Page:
There’s another important point to be had here and it’s this: fucking hell making games can be a depressing slog. Day-in day-out it can just be wall-to-wall bugs and hard code and stuff that makes your brain feel like it’s sloshing around between your ears. The absolute best bit of making games, however, is when all the hard work is done and you’re just ‘polishing’. Tweaking particle effects so they look just so, or fiddling with the lighting in the boss room; it’s fun and it’s what propels you through development. When things get tough, you must allow yourself the luxury of just making something look pretty - it’s critical for your mental health, but it can not be the core focus of your development time.
What’s more, showing stuff off on social media is hugely important, it lets you know whether or not people like the look of your game, and it’s a huge boost to your motivation when people love what you’re making. There’s also an argument that it’s so hard selling games these days that you need to start building a fanbase from Day One, but please don’t do that by wasting your time making assets that might get cut. Get a game running, get it fun, then start making stuff people can see.
SALIENT POINT NUMBER THREE: Know your scope, and halve it. I’m serious, that ‘finished product’ you have in your head? The mental image of how your game is going to play out for other people? Take out 50% of your dream game, and throw it in an imaginary bin. Games take a lot longer to make than you realise, and if you’re not careful you’ll run out of money or patience or both. Again, it’s something you see on Reddit and Twitter all the time: 'Miscreants of the Scythe is going to be a fully-voiced epic RPG taking place across 14 different realms, with five playable wizards each with their own unique wall-jumping animatio-' STOP. Stop pretending to yourself and lying to your potential customers.
Maybe this is a by-product of the sort of game dev who does all their animations first, but again get those mechanics in first and see how they sit and have a hard conversation with yourself about whether they all gel beautifully together, and whether you have the luxury of adding them all in. The answer is probably no: these days, to get a game to the quality level where it’ll be financially successful (and by ‘successful’, I mean it’ll earn you the exact same amount of money as you spent on it), you’re going to have to throw your all at it. You’ll be drained and exhausted and you’ll hate the game you’re making but pure blind determination will power you through… and extraneous features will eventually feel entirely unnecessary, and need dropping.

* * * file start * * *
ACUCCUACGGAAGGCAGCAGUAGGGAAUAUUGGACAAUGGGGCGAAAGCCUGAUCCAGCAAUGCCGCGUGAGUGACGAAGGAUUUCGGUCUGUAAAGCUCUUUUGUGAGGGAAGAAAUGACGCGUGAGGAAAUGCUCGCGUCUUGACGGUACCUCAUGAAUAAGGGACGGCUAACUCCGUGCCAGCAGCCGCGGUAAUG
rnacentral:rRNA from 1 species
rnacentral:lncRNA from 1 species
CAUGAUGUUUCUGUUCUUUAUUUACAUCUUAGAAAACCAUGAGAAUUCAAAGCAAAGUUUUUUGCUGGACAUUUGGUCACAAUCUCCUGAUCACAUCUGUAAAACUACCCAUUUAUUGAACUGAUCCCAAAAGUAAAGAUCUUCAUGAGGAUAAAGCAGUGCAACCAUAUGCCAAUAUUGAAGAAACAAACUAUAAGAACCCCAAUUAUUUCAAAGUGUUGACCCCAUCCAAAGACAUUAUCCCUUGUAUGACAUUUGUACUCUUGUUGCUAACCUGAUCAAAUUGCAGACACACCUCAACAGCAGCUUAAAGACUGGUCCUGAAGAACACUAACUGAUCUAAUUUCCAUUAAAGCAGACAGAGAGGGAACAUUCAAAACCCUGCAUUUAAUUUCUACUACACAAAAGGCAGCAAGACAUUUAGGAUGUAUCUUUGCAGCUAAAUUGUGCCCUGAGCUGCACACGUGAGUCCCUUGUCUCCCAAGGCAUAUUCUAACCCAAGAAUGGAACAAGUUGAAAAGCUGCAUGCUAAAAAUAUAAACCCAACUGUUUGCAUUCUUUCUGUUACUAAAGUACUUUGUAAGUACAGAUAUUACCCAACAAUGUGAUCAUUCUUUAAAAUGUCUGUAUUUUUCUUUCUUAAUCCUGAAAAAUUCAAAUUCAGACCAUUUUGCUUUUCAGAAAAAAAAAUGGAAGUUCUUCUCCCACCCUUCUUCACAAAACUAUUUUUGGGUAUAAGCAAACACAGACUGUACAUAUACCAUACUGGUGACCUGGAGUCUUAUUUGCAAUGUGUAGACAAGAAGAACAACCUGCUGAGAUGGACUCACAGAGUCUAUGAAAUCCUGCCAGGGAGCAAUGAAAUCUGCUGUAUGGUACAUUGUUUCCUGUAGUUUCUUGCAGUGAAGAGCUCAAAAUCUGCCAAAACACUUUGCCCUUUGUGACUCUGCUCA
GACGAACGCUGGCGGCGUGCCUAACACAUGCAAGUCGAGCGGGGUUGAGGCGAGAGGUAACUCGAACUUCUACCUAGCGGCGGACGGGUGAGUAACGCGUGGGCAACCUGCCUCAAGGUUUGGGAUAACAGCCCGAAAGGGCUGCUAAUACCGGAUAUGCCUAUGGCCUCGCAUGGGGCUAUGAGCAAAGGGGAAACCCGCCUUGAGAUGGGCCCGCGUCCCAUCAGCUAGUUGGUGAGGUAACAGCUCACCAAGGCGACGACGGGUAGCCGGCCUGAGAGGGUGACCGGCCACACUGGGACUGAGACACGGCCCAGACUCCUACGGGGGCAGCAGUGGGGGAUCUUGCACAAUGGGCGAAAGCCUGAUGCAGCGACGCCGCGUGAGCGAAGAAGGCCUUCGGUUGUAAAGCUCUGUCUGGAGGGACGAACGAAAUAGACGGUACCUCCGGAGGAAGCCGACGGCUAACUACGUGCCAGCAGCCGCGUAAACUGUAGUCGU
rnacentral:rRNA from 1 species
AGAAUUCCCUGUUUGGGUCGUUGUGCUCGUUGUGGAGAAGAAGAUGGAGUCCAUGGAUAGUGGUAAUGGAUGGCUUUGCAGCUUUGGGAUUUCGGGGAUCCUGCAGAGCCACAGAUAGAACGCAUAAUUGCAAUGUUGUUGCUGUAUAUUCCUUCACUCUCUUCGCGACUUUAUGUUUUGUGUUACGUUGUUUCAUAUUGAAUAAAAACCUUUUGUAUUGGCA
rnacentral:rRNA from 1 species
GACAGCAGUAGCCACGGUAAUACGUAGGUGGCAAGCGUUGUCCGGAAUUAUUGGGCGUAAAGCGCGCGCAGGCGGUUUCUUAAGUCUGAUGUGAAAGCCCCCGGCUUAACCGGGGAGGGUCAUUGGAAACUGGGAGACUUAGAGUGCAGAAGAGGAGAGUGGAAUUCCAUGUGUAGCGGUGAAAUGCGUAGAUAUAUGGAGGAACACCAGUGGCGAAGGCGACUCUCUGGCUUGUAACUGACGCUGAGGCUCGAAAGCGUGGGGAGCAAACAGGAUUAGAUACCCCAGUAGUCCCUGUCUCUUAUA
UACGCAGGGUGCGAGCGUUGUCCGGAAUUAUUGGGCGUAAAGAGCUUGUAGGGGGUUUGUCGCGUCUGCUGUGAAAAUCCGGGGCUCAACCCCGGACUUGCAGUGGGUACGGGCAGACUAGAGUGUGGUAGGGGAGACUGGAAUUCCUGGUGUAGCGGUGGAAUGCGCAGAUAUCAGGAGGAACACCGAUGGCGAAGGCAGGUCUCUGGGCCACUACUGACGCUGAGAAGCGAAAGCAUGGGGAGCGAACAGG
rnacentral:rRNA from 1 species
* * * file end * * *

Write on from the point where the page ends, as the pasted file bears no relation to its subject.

New mechanics should be a reaction to your game, not a thing you put in because you think it’ll 'be cool'. Deciding to add multiple characters should be a reaction to your existing mechanics, it should be a solution to a problem. It should be a thing that will lift the game way beyond the effort required to implement, not something you think you need to have to tick boxes on an imaginary checklist.
Look, making games is a pain in the arse, and I’m concerned that some devs out there are wrapping themselves in knots and making things even more arse-painy for themselves. It’s your game, and it’s absolutely wildly important you have THE BEST TIME making it, because the fun stuff will motivate you through the boring bits.
But please, be ultra-sensible about when you’re making your pretty stuff, and doubly so when you’re showing it off. I get that it’s helpful to have feedback and it’s nice to see your work do the rounds on social media but the absolute worst-case scenario at all times in the back of your mind whenever you’re spending ages on something in game development should be 'what if I have to cut this?'
It’s always better to cheap out, make something rough and ready and barely-functional and improve it over time, than go all-in from the start and wind up with it as a costly mistake.